By Alex Albert, CFP®
- Interest for high-yield savings accounts and CDs are on the rise
- Bonds and treasuries are worth close consideration
Estimated read time: 3 mins
The Federal Reserve is fighting tirelessly to control inflation by aggressively raising the Fed Funds (short term) interest rate, and letting longer-term rates rise as it pivots from being a buyer of bonds to letting its portfolio shrink.
With these actions, interest rates on consumer and commercial loans of all types have risen sharply, including new mortgages recently topping over 7%. In contrast to borrowers, interest paid to savers and investors of fixed-income securities and products have risen everywhere– except in your bank account. While inflation in the U.S. was 8% year-over-year at the end of August, according to Bankrate.com, the average annual savings rate was only 0.14%.
Savings Accounts and CDs are Increasingly Attractive
When looking to invest short-term cash, three key factors to consider are safety, liquidity, and yield. For most, having short-term cash readily available is necessary, and we recommend keeping at least 6 months’ worth of expenses liquid to cover unforeseen expenses.
As of this writing, high-yield savings accounts have increased their interest rates to over 2%. Note that rates fluctuate, and each banking institution sets its own rules to consider, such as account minimums, limits on withdrawals, and fees, but most are backed by FDIC insurance up to $250,000 per depositor account.
Rates on Certificates of Deposit (CD’s) have become more attractive and are readily available through banks and brokerage firms. CDs by qualifying institutions have FDIC insurance and, in return for paying higher interest rates, CD funds must not be withdrawn for a certain period without penalties or loss of interest. CDs are best used when you marry a predetermined expense with a corresponding date and dollar amount.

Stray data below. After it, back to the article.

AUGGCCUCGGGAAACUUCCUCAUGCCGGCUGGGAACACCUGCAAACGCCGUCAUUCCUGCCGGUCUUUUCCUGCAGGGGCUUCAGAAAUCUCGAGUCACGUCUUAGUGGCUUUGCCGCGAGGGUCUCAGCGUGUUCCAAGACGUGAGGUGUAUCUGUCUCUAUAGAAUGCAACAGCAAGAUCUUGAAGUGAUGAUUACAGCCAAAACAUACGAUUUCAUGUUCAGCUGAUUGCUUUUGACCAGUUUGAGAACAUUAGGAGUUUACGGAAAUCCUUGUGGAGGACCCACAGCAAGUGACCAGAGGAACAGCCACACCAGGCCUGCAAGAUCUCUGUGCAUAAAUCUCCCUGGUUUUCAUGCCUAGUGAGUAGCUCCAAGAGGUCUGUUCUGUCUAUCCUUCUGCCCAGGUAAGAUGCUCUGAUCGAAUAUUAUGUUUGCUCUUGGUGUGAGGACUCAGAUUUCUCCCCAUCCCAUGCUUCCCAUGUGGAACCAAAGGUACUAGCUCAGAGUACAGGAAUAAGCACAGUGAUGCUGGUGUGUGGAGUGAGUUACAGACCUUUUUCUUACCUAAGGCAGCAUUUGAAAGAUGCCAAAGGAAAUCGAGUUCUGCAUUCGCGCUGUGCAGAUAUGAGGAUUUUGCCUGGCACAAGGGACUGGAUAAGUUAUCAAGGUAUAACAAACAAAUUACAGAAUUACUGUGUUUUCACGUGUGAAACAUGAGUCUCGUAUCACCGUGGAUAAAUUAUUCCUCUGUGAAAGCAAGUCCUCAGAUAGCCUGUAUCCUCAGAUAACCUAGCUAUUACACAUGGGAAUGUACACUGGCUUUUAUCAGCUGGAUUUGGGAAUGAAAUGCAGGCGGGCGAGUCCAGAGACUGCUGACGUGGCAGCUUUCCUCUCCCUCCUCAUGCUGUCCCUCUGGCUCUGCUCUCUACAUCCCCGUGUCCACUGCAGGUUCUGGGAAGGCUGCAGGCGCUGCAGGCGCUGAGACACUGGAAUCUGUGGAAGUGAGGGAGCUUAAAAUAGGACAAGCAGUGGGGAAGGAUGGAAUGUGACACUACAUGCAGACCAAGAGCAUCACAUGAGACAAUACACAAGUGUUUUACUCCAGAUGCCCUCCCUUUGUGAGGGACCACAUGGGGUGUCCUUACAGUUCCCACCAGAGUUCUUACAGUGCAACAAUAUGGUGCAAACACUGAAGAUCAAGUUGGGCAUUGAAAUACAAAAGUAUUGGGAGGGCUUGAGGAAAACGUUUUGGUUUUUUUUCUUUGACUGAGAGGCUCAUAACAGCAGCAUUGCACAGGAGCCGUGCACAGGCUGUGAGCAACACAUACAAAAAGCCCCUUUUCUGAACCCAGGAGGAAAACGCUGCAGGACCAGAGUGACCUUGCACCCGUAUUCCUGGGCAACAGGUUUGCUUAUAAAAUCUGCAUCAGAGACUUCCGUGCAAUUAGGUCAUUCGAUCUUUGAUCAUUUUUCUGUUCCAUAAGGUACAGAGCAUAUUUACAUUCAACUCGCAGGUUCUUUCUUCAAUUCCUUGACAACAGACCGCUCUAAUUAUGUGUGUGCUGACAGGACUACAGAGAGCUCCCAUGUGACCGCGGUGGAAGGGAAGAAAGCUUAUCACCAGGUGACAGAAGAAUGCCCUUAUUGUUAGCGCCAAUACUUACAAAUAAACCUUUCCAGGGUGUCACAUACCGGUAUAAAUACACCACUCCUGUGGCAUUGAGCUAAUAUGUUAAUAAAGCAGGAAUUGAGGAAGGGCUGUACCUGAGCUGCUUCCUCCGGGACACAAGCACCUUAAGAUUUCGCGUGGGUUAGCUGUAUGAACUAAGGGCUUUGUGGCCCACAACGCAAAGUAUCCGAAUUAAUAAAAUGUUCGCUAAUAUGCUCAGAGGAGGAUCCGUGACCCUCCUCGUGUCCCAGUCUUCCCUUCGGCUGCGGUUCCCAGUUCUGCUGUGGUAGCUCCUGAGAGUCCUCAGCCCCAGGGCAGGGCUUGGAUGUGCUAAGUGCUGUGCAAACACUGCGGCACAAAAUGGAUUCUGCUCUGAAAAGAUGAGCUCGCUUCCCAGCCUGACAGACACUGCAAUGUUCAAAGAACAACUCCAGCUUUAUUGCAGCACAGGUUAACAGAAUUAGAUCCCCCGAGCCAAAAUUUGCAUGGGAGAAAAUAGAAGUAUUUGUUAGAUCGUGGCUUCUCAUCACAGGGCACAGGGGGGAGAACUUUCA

Bonds and Treasuries Look Even Better
Series I Savings Bonds (I-Bonds) are a safe and attractive place to invest a limited amount of funds. Currently yielding over 9.6% annually, these U.S. Government-issued securities have yields fluctuate with the inflation rate, which the Federal Reserve is actively working to lower down to 2%, and there is a maximum investment of $10,000 per year per person. After 12 months, you can cash in your I-Bonds; however, if cashed in before year 5, you lose the last 3 months of interest.
Another attractive option is direct Treasury paper, which is backed by the full faith and credit of the U.S. Government. Treasuries range from Treasury bills (T-Bills), which mature in 1-year or less, Treasury notes (2-10 years), and Treasury bonds, which have maturities of 20 to 30 years. The interest from Treasuries is state income tax exempt.
Yields on a 1-year Treasury as of October 7, 2022, was 4.24%, and 3.89% on a 10-year, both of which have not been this high in over 12 years. Treasuries can be bought and sold without penalty; however, their prices fluctuate daily and selling prior to maturity may result in a loss.
While stocks remain our asset class of choice for dividend income, growth of income, and long-term capital appreciation, current interest rates on fixed-income securities (bonds) are a welcome sight for holders of cash and those seeking decent returns without risk of capital.
As always, feel free to contact us should you have any questions or need assistance in any manner.
About the Author
Alex Albert is a Certified Financial Planner for East Greenwich-based Lincoln Capital, a financial planning and wealth management firm. He is a graduate of the University of Rhode Island and earned CFP® certification from Bryant University.